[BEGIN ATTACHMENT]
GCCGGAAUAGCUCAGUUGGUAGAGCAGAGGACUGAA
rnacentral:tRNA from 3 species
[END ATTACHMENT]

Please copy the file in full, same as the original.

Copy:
GCCGGAAUAGCUCAGUUGGUAGAGCAGAGGACUGAA
rnacentral:tRNA from 3 species